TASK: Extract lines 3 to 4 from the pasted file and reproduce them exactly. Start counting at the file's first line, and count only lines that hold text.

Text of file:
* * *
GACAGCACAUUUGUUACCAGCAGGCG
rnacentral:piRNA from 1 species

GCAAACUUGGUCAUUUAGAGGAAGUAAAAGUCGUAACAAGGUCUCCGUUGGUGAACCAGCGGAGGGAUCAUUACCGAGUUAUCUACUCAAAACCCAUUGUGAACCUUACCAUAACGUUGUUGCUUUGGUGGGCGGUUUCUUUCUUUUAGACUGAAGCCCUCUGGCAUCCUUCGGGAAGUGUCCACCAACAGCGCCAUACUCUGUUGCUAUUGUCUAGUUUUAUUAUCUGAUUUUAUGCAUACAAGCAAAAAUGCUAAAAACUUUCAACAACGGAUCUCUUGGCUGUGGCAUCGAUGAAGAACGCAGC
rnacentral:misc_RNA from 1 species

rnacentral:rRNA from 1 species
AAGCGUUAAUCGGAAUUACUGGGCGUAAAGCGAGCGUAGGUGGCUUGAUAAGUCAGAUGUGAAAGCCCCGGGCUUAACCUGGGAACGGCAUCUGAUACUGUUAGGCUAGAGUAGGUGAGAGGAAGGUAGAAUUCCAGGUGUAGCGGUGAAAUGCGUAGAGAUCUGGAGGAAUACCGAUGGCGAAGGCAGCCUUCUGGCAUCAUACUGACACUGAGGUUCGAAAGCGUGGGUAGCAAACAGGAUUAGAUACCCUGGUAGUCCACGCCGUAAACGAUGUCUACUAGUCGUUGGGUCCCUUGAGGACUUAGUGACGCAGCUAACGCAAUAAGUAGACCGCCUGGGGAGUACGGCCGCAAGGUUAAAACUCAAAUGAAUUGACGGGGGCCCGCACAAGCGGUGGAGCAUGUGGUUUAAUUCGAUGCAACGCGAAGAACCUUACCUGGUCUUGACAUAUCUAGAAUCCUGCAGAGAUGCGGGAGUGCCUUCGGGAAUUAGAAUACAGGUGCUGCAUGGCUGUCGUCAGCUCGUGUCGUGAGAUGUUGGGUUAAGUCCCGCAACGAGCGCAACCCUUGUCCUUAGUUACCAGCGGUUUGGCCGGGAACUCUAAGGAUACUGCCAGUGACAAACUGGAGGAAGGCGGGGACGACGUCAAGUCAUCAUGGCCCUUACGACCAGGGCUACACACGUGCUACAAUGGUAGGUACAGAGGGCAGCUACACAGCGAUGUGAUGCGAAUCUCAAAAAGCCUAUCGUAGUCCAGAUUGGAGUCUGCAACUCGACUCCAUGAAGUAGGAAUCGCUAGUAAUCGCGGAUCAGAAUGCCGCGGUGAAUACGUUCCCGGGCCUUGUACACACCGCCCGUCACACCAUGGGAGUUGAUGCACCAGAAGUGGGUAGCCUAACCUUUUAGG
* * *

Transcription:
GCAAACUUGGUCAUUUAGAGGAAGUAAAAGUCGUAACAAGGUCUCCGUUGGUGAACCAGCGGAGGGAUCAUUACCGAGUUAUCUACUCAAAACCCAUUGUGAACCUUACCAUAACGUUGUUGCUUUGGUGGGCGGUUUCUUUCUUUUAGACUGAAGCCCUCUGGCAUCCUUCGGGAAGUGUCCACCAACAGCGCCAUACUCUGUUGCUAUUGUCUAGUUUUAUUAUCUGAUUUUAUGCAUACAAGCAAAAAUGCUAAAAACUUUCAACAACGGAUCUCUUGGCUGUGGCAUCGAUGAAGAACGCAGC
rnacentral:misc_RNA from 1 species